Count me in. I was already lining up girlfriends for when I left. Plus, they have $2 childcare, which gets Daddy off the hook next time.
Cost: Three month unlimited membership, $225, rate packages available
Where: Bootcamp Fitness, 5317 W. 94th Terrace, Prairie Village
More info: 913.905.1944, crossfitkc.com
Stats on a whiteboard scare me. But a lot of folks find the daily public posts motivating and inspiring. Most of those people are the competitive type, according to Michael Rutherford, also known as Coach Rut, who owns Bootcamp Fitness in Prairie Village. Building better bodies is his business.
Enter CrossFit, a challenging strength and conditioning program utilized by the military and law enforcement to ready personnel for physical challenges. It’s also used to train high-performance athletes. Coach Rut promises that CrossFit output is individual, although all participants are tasked with the same exercises each day via Crossfit.com. Recently, the exercise of the day was 70 burpees, 60 sit-ups, 50 kettle bell swings (about 54 pounds total), 40 pull-ups, and 30 handstand push-ups. After a Google search of a burpee, kettle bell and handstand push-up, I tried my best. I collapsed after burpee No. 11. Despite my shortcomings, Rut says that his business has exploded in the past two years.
Theoretically, an 85-year-old and a 20-year-old may do the same daily exercises, but they will have different experiences and different output. Most of Rut’s clients are young professionals or older professionals on the verge of retirement. They like the variety and the high intensity of the workouts, he says.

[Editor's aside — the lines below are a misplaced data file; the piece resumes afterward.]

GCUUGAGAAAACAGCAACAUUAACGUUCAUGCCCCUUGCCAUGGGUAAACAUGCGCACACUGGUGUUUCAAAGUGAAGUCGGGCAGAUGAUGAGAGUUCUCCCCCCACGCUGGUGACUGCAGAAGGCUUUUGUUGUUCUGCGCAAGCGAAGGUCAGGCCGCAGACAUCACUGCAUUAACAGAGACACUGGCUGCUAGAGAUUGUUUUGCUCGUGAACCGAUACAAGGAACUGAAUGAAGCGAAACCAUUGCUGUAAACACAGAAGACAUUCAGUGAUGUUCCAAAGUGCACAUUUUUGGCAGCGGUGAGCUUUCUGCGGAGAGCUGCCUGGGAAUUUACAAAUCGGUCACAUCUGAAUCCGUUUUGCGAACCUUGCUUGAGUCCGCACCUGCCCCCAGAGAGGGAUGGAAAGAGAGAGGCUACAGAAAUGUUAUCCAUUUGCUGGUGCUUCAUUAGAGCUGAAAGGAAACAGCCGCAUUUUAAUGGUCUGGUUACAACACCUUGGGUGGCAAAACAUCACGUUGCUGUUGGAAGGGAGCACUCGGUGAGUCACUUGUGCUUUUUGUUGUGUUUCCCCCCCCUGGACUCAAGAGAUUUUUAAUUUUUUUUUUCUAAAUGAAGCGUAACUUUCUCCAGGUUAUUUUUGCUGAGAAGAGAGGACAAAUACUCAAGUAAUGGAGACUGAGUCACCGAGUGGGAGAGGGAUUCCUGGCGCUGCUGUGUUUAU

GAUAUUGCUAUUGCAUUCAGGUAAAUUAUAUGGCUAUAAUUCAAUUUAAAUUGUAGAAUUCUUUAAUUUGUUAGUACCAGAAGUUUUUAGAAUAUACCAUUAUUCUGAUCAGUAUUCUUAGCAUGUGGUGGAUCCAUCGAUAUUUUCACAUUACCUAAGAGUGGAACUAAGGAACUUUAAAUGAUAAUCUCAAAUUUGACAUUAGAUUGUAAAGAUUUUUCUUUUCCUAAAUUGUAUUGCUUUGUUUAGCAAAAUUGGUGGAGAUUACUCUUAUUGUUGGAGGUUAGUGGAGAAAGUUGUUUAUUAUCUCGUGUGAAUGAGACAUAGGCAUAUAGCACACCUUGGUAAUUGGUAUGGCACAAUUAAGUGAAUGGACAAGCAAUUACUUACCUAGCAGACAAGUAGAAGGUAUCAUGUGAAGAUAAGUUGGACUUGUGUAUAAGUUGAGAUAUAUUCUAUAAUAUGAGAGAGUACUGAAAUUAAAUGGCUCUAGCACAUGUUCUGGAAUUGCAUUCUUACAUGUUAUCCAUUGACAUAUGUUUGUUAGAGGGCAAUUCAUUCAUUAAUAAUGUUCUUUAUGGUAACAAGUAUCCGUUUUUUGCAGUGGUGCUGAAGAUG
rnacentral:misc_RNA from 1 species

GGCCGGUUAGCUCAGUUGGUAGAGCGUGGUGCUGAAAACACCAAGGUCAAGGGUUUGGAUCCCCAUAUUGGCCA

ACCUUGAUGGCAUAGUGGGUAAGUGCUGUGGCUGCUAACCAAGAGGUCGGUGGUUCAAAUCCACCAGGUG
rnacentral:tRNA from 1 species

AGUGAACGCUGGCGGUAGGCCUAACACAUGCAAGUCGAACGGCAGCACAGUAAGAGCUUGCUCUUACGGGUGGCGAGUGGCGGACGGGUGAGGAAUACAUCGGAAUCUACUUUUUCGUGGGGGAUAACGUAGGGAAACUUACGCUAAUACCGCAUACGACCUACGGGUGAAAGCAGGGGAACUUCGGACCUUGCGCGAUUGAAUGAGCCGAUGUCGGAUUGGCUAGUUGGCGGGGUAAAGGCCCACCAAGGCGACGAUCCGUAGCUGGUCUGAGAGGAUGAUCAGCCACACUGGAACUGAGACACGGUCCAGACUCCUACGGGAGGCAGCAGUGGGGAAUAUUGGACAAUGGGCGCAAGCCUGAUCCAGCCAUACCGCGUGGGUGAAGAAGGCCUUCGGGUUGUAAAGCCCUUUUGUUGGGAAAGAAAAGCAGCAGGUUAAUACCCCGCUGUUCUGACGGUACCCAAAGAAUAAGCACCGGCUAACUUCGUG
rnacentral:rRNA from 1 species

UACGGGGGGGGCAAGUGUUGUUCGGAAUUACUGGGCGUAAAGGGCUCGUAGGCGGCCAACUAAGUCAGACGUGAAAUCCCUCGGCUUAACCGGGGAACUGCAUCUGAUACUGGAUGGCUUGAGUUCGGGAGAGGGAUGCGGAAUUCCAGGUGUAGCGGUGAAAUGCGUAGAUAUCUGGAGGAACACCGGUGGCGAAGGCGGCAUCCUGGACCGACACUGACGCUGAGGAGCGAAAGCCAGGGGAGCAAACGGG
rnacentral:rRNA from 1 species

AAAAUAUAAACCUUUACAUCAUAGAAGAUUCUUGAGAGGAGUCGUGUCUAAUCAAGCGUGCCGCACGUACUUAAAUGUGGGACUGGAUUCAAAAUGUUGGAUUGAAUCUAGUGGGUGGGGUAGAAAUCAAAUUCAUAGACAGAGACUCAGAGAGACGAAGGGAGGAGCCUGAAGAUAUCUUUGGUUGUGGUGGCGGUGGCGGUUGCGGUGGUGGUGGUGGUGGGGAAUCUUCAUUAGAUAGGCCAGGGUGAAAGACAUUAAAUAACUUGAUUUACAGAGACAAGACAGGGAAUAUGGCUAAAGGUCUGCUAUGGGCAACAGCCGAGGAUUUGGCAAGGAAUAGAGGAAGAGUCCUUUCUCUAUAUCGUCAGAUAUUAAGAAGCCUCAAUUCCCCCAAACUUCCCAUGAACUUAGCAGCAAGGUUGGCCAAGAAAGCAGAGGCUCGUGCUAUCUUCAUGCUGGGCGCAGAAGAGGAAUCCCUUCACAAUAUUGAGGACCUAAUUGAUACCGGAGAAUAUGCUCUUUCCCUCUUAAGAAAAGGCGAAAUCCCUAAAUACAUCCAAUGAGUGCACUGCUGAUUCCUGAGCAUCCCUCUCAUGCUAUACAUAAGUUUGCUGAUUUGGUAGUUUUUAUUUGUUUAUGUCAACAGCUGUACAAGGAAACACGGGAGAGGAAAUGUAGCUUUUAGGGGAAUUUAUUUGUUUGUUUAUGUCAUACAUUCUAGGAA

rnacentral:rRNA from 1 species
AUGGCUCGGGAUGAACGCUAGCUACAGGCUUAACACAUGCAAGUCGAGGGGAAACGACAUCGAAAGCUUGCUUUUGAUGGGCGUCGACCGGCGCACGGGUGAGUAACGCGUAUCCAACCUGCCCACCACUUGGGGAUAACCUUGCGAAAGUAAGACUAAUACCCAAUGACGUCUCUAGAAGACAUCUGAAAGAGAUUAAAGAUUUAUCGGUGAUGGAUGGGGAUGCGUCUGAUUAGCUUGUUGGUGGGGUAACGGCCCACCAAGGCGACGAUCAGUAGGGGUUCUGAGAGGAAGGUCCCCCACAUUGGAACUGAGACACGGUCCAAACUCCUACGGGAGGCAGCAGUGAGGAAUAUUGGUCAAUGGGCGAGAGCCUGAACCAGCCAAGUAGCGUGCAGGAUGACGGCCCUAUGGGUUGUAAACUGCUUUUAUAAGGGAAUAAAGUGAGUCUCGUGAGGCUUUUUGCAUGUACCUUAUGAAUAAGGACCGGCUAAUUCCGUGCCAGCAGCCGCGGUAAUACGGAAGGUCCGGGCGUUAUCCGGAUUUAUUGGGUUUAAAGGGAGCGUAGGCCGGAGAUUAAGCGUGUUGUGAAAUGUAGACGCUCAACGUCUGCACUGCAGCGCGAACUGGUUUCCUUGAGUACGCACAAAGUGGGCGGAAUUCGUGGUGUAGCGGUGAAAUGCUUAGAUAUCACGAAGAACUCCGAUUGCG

“You know how a carpenter needs a lot of tools to complete a project? That’s like CrossFit,” he says. “You can do simple body resistance exercises one day and complex Olympic movements the next.”
Back to those daily stats …
“Men will die for points,” says Rut, which is probably where the controversy surrounding the safety of CrossFit comes in.
“Most people come in here to improve their body composition, to reduce body fat and increase muscle mass,” he says. “But they start to see that we are all athletes chasing performance, a better time, a higher score and a body transformation.”
Personally, I’ll settle for the body transformation bit in private. But, I better master a burpee first.
Carla Corban Kath is a freelance writer in Prairie Village.